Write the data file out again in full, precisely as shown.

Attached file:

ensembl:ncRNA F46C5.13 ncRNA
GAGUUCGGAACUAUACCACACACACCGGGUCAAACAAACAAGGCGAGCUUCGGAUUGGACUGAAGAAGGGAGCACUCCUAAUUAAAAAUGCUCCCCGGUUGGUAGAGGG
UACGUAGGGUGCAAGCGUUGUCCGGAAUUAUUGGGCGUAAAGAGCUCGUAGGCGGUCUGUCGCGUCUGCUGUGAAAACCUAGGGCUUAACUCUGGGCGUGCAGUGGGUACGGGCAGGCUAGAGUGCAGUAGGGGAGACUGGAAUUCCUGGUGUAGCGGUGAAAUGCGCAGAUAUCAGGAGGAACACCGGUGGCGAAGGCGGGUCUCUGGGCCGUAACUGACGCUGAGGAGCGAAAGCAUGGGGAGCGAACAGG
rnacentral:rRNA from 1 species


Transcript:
ensembl:ncRNA F46C5.13 ncRNA
GAGUUCGGAACUAUACCACACACACCGGGUCAAACAAACAAGGCGAGCUUCGGAUUGGACUGAAGAAGGGAGCACUCCUAAUUAAAAAUGCUCCCCGGUUGGUAGAGGG
UACGUAGGGUGCAAGCGUUGUCCGGAAUUAUUGGGCGUAAAGAGCUCGUAGGCGGUCUGUCGCGUCUGCUGUGAAAACCUAGGGCUUAACUCUGGGCGUGCAGUGGGUACGGGCAGGCUAGAGUGCAGUAGGGGAGACUGGAAUUCCUGGUGUAGCGGUGAAAUGCGCAGAUAUCAGGAGGAACACCGGUGGCGAAGGCGGGUCUCUGGGCCGUAACUGACGCUGAGGAGCGAAAGCAUGGGGAGCGAACAGG
rnacentral:rRNA from 1 species